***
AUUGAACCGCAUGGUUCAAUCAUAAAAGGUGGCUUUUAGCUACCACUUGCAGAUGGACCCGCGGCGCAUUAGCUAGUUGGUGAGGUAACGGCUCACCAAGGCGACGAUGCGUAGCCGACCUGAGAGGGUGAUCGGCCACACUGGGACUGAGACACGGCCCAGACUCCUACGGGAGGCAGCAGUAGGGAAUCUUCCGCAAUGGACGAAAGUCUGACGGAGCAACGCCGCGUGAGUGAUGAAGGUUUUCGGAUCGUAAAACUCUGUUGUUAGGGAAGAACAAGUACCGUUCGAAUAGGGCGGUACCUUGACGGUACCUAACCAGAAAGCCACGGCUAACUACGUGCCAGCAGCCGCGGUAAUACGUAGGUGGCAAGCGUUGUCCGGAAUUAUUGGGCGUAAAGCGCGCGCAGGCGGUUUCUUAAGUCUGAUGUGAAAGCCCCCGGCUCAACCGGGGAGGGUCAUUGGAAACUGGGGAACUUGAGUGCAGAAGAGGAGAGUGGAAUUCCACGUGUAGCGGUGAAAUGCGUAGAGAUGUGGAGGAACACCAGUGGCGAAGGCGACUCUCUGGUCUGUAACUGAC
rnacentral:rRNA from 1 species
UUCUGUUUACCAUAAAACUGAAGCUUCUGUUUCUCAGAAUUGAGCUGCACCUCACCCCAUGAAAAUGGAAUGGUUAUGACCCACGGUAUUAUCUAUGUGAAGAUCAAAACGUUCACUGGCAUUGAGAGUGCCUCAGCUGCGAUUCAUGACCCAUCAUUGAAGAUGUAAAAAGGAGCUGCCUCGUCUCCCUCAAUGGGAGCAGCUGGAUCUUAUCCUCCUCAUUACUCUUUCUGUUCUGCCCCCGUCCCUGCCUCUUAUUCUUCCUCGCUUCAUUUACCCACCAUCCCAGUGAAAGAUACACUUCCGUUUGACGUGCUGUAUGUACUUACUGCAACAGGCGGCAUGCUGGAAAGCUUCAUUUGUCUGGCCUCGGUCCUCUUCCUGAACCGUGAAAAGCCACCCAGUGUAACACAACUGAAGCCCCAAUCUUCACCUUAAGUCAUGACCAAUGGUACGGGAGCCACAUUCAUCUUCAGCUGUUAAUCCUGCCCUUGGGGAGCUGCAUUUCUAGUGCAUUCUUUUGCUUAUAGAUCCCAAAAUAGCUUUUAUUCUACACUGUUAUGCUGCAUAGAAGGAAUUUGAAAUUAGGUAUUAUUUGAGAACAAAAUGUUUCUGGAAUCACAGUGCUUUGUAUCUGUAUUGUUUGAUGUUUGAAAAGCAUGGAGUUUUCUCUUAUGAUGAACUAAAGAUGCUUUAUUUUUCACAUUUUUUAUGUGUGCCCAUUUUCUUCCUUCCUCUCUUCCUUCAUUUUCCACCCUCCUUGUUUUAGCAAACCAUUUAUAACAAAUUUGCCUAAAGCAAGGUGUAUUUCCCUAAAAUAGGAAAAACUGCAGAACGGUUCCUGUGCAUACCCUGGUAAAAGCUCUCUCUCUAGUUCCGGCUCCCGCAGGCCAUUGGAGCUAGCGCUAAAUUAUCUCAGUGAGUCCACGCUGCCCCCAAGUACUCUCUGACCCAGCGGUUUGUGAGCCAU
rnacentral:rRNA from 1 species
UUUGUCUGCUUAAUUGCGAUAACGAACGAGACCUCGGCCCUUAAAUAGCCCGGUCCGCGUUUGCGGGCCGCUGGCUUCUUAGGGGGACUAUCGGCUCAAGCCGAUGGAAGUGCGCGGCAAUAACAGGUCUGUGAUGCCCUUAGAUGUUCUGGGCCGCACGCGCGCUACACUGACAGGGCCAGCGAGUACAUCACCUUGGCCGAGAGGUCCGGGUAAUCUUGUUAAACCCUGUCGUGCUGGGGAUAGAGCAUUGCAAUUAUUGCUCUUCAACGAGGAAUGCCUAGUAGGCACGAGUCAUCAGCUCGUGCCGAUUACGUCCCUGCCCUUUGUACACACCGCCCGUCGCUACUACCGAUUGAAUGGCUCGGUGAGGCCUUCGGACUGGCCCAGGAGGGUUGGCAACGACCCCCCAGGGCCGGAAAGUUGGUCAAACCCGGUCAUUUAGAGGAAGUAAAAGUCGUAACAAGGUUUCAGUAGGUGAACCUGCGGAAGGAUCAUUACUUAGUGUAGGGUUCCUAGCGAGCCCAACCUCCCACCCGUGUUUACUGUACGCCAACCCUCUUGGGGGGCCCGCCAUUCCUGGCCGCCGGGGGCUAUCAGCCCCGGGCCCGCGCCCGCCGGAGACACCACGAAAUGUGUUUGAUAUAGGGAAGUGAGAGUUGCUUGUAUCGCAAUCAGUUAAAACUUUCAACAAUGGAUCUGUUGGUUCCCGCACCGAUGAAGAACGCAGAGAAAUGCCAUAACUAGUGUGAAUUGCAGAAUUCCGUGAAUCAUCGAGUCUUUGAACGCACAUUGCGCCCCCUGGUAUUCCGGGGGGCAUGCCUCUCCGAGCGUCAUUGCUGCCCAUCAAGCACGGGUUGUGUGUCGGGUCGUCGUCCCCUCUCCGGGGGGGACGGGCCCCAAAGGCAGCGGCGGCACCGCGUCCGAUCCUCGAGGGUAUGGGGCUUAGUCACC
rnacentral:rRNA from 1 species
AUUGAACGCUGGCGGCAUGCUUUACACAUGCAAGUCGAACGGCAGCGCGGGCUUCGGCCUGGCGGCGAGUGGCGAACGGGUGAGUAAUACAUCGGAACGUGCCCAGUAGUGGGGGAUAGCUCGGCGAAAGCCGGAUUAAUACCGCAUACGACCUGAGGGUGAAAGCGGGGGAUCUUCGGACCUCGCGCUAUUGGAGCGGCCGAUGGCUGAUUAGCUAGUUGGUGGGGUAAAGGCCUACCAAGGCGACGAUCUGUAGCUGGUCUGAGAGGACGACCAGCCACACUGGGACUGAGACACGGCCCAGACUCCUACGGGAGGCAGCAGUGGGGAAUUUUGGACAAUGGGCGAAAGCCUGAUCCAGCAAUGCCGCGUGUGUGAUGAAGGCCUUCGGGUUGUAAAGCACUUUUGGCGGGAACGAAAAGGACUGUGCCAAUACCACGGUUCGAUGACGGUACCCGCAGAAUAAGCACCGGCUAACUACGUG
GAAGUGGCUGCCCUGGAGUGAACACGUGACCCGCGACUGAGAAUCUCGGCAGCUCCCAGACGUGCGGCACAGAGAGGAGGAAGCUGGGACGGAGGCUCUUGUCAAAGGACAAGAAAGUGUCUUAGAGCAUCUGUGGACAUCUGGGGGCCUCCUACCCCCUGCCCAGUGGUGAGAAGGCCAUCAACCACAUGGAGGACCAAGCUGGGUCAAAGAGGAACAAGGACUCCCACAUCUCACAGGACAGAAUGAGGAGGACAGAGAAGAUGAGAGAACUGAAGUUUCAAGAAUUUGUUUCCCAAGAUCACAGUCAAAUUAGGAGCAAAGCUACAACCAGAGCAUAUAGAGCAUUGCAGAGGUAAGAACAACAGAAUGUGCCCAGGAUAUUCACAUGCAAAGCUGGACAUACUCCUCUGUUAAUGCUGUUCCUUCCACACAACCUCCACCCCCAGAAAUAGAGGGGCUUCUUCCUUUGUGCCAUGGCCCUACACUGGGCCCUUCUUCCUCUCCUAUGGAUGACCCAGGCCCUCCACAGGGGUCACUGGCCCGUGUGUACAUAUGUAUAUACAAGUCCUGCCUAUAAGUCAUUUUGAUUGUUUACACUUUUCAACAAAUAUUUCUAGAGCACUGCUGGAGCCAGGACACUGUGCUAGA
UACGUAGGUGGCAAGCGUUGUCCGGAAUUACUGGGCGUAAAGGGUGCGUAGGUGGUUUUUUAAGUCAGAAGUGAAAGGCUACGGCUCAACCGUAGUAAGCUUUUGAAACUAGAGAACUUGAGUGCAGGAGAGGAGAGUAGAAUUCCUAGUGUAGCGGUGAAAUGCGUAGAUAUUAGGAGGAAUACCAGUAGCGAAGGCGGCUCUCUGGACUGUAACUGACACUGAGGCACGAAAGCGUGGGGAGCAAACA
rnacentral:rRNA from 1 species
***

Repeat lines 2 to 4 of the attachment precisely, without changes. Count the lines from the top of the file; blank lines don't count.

rnacentral:rRNA from 1 species
UUCUGUUUACCAUAAAACUGAAGCUUCUGUUUCUCAGAAUUGAGCUGCACCUCACCCCAUGAAAAUGGAAUGGUUAUGACCCACGGUAUUAUCUAUGUGAAGAUCAAAACGUUCACUGGCAUUGAGAGUGCCUCAGCUGCGAUUCAUGACCCAUCAUUGAAGAUGUAAAAAGGAGCUGCCUCGUCUCCCUCAAUGGGAGCAGCUGGAUCUUAUCCUCCUCAUUACUCUUUCUGUUCUGCCCCCGUCCCUGCCUCUUAUUCUUCCUCGCUUCAUUUACCCACCAUCCCAGUGAAAGAUACACUUCCGUUUGACGUGCUGUAUGUACUUACUGCAACAGGCGGCAUGCUGGAAAGCUUCAUUUGUCUGGCCUCGGUCCUCUUCCUGAACCGUGAAAAGCCACCCAGUGUAACACAACUGAAGCCCCAAUCUUCACCUUAAGUCAUGACCAAUGGUACGGGAGCCACAUUCAUCUUCAGCUGUUAAUCCUGCCCUUGGGGAGCUGCAUUUCUAGUGCAUUCUUUUGCUUAUAGAUCCCAAAAUAGCUUUUAUUCUACACUGUUAUGCUGCAUAGAAGGAAUUUGAAAUUAGGUAUUAUUUGAGAACAAAAUGUUUCUGGAAUCACAGUGCUUUGUAUCUGUAUUGUUUGAUGUUUGAAAAGCAUGGAGUUUUCUCUUAUGAUGAACUAAAGAUGCUUUAUUUUUCACAUUUUUUAUGUGUGCCCAUUUUCUUCCUUCCUCUCUUCCUUCAUUUUCCACCCUCCUUGUUUUAGCAAACCAUUUAUAACAAAUUUGCCUAAAGCAAGGUGUAUUUCCCUAAAAUAGGAAAAACUGCAGAACGGUUCCUGUGCAUACCCUGGUAAAAGCUCUCUCUCUAGUUCCGGCUCCCGCAGGCCAUUGGAGCUAGCGCUAAAUUAUCUCAGUGAGUCCACGCUGCCCCCAAGUACUCUCUGACCCAGCGGUUUGUGAGCCAU
rnacentral:rRNA from 1 species